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Fast Food Chains, Pepsi and Makers of Prepackaged Groceries Join Forces Against "Senseless" Michelle Obama

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While Michelle Obama dances to Beyonce's “Move Your Body,” the American food industry is singing to the tune to “Ring the Alarm.”

Nobody's happy that American kids are ballooning to unprecedented sizes and developing diabetes before all their teeth come in. So one might assume that the first lady's effort to curb the childhood obesity crisis would be one of the few noncontroversial initiatives to come out of this White House -- right?

Well, not exactly.

A bill that would create voluntary nutritional standards for foods marketed to children, apparently, is a step too far for US food producers, fast-food chains and the media companies that promote them. Those forces, under the name Sensible Food Policy Coalition, have launched a lobbying campaign to stop the new guidelines, the Washington Post reports.

While no one is saying childhood obesity isn't a problem, the food industry argues it's already lowered sugar, sodium and fat in foods marketed to kids, thanks to standards it developed itself in 2006 and plans to update this week.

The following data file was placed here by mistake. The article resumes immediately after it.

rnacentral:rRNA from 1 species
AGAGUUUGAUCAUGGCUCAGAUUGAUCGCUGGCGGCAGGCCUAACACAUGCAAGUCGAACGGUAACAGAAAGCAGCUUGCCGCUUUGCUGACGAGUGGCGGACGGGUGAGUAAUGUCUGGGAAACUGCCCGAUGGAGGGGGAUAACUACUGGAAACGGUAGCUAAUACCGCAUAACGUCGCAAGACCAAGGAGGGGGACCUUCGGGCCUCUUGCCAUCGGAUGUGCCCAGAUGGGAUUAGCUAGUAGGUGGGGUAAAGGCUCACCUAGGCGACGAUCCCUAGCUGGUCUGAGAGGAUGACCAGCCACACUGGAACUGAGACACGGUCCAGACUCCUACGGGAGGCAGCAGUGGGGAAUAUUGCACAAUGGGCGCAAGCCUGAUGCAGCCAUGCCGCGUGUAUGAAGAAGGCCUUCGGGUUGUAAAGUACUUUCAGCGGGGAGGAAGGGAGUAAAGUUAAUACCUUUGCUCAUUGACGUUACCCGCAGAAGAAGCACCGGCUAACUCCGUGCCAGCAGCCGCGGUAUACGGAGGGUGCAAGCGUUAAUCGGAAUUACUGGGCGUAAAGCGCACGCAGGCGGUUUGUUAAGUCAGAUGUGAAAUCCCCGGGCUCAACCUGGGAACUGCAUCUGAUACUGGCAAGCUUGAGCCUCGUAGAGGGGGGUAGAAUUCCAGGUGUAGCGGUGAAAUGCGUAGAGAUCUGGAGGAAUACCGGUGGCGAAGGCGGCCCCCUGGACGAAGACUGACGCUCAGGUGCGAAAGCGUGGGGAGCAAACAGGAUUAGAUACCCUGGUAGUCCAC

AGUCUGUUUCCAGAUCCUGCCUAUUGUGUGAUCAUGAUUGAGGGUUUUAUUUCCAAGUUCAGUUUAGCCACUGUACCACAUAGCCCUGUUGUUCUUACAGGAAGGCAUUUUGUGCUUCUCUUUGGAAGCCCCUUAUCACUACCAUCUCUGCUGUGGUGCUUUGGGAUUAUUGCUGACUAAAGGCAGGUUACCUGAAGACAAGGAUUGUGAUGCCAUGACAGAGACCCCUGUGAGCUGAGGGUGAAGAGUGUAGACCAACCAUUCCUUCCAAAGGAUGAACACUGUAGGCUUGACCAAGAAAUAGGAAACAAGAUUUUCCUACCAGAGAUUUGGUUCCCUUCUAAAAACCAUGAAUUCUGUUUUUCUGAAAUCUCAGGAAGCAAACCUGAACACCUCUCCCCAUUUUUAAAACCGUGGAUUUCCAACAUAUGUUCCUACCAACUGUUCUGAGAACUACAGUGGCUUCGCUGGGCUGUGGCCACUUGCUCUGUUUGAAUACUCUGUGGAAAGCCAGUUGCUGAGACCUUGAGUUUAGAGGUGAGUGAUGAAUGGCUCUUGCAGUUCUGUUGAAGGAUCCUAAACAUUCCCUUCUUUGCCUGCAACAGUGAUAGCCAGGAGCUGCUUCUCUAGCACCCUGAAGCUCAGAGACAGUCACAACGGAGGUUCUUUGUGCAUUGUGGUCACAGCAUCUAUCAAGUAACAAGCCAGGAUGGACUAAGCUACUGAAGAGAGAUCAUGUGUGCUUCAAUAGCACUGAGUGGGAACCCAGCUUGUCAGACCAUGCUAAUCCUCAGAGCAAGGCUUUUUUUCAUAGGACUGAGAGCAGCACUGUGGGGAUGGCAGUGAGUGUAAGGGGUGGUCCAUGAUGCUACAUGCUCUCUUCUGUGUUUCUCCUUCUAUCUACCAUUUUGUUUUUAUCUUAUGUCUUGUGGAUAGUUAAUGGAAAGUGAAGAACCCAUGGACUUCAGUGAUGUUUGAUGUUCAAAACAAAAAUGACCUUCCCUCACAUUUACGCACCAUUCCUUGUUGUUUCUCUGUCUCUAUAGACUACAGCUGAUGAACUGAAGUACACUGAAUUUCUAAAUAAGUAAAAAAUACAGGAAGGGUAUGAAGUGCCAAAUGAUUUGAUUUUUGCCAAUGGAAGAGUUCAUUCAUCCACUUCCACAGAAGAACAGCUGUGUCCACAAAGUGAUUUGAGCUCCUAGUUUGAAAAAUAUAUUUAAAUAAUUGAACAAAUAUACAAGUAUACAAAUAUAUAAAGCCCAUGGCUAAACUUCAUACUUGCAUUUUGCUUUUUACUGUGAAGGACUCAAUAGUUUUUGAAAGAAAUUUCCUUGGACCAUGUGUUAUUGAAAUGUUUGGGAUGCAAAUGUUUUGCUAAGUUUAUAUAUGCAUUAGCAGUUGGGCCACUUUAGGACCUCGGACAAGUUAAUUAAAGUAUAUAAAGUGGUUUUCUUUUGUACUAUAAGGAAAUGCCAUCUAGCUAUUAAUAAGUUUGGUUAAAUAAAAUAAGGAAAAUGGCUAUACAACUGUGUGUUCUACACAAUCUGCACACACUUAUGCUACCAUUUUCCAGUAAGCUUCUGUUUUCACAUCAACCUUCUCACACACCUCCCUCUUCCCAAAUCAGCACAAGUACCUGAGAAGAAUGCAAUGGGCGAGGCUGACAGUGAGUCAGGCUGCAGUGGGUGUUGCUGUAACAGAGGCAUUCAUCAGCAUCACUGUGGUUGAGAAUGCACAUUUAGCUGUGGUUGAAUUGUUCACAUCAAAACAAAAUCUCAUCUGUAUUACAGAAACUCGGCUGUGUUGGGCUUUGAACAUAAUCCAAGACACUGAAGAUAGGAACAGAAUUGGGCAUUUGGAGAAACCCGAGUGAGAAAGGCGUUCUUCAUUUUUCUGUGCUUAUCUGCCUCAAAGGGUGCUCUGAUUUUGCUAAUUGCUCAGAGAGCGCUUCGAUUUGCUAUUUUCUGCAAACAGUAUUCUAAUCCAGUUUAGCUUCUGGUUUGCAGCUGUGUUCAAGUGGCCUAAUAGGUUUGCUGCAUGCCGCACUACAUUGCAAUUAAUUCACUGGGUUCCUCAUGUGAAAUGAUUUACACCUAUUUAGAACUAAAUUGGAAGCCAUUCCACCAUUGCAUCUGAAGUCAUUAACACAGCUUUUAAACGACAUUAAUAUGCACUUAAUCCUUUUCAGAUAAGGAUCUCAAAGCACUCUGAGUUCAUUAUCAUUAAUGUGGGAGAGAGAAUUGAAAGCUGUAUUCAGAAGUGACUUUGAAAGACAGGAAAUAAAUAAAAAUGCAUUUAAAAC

The coalition, which includes General Mills, Kellogg, PepsiCo, Time Warner and Viacom is hoping to sway the public against government standards by playing on fears of worsening the jobs crisis.

Although it's hard to argue voluntary guidelines with no enforcement mechanism could be “job-killing regulations,” the coalition is trying just that, promoting an economic analysis by an advertising lobby that claims the new standards would kill 75,000 jobs and $30 billion in food and drink sales yearly. That assumes advertising for food and beverages would drop 20% as a result of the (again, voluntary) guidelines.

So presumably, these guidelines would not only be totally effective in stopping the marketing of junk foods to children -- using only the power of shame, not any statutory force -- but they also would prevent the industry from marketing and selling different products that don't violate the standards.

I guess you could say to America's food makers, SpongeBob SquarePants-branded macaroni and cheese is “Irreplaceable.”
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